HR will particularly focus on the array of new colleagues, not just the founding colleagues who are most familiar with the business. This is a perfect time to develop a performance management system and rewards program in order to keep colleagues and teams motivated and working toward common goals. Compensation must be competitive to avoid turnover and loss of talented colleagues to competitors. To ensure colleagues are prepared for the next stage in the evolution of the company, HR will begin to identify professional development opportunities.
HR will serve as a champion of the culture. Be aware of how management are already shaping the culture through their everyday actions and work behaviors. It is essential for HR to track and measure factors like communication, trust, decision-making, transparency, systems, and interpersonal interactions that define cultures.
“Culture is the sum total of the learned behavior in any given society.”
- Paul Kocher, world cultures educator
The current culture the company may or may not become its future culture. Creating a culture is complex, HR will focus on the positive aspects, like innovation, flexibility and quality, and ensure the company remains fully compliant with regulations, employment laws, and industry quality standards.
Stage 4: Development (50+ Colleagues)
At development, a dramatic shift occurs and the novel idea behind the company is being prepared for commercialization. The company is about to go from being a startup to becoming a thriving life science organization.
HR provides the pivotal role of preparing the company to expand, perhaps in multiple states or countries. New colleagues are joining in leadership and executive roles, which means certain jobs may narrow in scope and focus. It’s likely that the company will need to incorporate a variety of new job roles in marketing, sales and communications, to support the company’s mission at this stage.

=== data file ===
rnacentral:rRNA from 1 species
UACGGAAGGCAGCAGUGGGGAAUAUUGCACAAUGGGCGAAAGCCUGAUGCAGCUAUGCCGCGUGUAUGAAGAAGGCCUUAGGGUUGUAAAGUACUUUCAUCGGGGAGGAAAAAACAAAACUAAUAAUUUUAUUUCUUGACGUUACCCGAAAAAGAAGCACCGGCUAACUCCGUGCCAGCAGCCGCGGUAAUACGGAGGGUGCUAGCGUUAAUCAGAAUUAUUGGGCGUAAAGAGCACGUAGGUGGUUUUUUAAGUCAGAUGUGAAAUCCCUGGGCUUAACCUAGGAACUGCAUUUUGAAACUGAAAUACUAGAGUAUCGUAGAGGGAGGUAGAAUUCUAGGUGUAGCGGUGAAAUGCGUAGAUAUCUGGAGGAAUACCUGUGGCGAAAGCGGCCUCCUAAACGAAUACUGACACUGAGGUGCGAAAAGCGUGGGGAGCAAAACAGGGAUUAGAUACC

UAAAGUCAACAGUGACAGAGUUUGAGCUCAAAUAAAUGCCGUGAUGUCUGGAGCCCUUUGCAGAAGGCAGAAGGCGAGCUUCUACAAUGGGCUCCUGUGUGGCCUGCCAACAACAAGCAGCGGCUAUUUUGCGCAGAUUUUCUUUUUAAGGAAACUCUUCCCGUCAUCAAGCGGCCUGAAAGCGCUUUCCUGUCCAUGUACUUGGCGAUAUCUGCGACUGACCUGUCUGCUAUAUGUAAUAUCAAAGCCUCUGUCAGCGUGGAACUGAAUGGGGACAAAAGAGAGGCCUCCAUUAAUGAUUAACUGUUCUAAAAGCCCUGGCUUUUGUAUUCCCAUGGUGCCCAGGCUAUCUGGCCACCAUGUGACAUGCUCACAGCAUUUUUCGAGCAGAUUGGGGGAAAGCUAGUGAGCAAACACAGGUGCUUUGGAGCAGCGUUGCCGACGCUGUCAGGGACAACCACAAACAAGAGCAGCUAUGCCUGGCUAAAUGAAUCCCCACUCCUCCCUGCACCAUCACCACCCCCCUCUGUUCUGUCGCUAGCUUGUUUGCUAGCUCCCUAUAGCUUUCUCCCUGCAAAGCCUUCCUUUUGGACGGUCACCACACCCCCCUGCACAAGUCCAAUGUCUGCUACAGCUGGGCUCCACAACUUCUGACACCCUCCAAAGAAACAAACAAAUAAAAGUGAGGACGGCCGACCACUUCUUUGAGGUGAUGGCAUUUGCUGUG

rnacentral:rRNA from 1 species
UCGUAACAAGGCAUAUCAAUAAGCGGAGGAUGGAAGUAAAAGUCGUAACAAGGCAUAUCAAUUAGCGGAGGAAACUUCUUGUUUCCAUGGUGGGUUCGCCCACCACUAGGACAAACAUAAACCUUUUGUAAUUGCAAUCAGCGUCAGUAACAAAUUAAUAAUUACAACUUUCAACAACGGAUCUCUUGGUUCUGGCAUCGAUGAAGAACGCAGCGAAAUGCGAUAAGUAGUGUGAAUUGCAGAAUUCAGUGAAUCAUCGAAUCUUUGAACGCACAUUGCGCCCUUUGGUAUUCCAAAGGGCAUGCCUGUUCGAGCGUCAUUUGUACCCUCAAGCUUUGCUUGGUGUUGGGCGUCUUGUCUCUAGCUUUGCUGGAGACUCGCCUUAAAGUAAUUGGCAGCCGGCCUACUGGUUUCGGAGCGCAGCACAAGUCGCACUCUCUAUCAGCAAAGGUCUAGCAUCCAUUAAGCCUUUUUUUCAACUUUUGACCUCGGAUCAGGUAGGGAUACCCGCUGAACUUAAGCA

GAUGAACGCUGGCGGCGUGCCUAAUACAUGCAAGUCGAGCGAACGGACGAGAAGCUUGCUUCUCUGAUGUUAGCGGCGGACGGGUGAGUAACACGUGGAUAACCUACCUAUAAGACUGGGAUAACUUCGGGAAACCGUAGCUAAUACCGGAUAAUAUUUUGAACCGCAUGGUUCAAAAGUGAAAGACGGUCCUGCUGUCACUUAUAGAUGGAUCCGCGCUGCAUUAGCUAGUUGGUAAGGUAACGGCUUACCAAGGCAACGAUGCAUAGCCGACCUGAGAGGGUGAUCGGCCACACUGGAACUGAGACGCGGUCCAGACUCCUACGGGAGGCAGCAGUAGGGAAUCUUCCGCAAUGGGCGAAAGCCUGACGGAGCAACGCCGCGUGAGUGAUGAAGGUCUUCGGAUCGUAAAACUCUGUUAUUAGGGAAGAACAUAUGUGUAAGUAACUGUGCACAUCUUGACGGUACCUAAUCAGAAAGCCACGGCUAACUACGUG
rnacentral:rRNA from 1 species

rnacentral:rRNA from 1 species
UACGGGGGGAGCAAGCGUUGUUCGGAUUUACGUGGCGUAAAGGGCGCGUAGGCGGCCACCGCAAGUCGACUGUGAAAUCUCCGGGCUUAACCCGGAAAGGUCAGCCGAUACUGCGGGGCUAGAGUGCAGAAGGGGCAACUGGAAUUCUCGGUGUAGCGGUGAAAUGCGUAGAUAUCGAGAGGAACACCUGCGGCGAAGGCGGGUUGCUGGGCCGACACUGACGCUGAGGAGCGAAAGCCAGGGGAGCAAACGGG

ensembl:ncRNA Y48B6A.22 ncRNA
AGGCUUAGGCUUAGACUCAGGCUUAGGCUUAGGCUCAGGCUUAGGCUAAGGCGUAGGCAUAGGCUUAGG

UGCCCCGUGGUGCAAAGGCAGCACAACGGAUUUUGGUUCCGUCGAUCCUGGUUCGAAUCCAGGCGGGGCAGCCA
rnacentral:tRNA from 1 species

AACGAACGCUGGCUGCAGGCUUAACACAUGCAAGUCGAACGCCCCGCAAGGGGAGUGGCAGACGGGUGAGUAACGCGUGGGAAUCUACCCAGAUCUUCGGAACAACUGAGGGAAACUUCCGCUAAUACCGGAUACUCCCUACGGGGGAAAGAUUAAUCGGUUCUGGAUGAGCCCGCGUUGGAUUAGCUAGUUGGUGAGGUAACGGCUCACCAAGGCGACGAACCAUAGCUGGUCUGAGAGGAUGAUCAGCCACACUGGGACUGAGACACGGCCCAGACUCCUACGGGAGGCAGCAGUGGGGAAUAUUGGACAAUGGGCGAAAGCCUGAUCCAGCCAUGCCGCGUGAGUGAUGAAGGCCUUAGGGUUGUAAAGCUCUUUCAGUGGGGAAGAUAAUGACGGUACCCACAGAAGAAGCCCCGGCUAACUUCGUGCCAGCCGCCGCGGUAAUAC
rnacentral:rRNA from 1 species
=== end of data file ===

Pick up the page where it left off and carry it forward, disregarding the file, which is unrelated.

It’s also vital to identify internal talent within the organization, support their professional development, and nurture their transitions into top management positions. HRs development of a retention strategy must be strong enough to survive competitors’ overtures to hire away your top talent. Despite HR’s best efforts, the company may experience the loss of a key player in your organization and must manage the effect this has on morale and resources.
It’s also time to prepare the company for financial and legal events like an IPO, merger, or acquisition. The company’s HR professional will expertly complete due diligence and manage the company transition to a public company, major integration or transition.
“The most important part of a purchase in a merger or an acquisition is the collective productive capacity of human beings.”
- Dennis Roberts, SPHR
Long-Term HR Support for a Life Sciences Company
The stages described may take years to unfold – navigating, planning and executing the changes within those stages can’t take years. HR as part of the life sciences start up can support the company at every stage of the process.
Working in the life sciences is extremely gratifying because everyone involved knows they are contributing professionally and personally to an innovation that could change the world. But this field comes with major HR challenges that require a high level of expertise.
For more information about HR strategies for the life sciences, connect with The O’Connor Group. We have extensive experience with entrepreneurial companies in the life sciences and we’d love to help your company become another success story.
This information is provided for informational purposes only and should not be taken as legal advice. The O’Connor Group makes no representations as to the completeness, suitability, or validity of any information contained herein and will not be liable for any errors or omissions.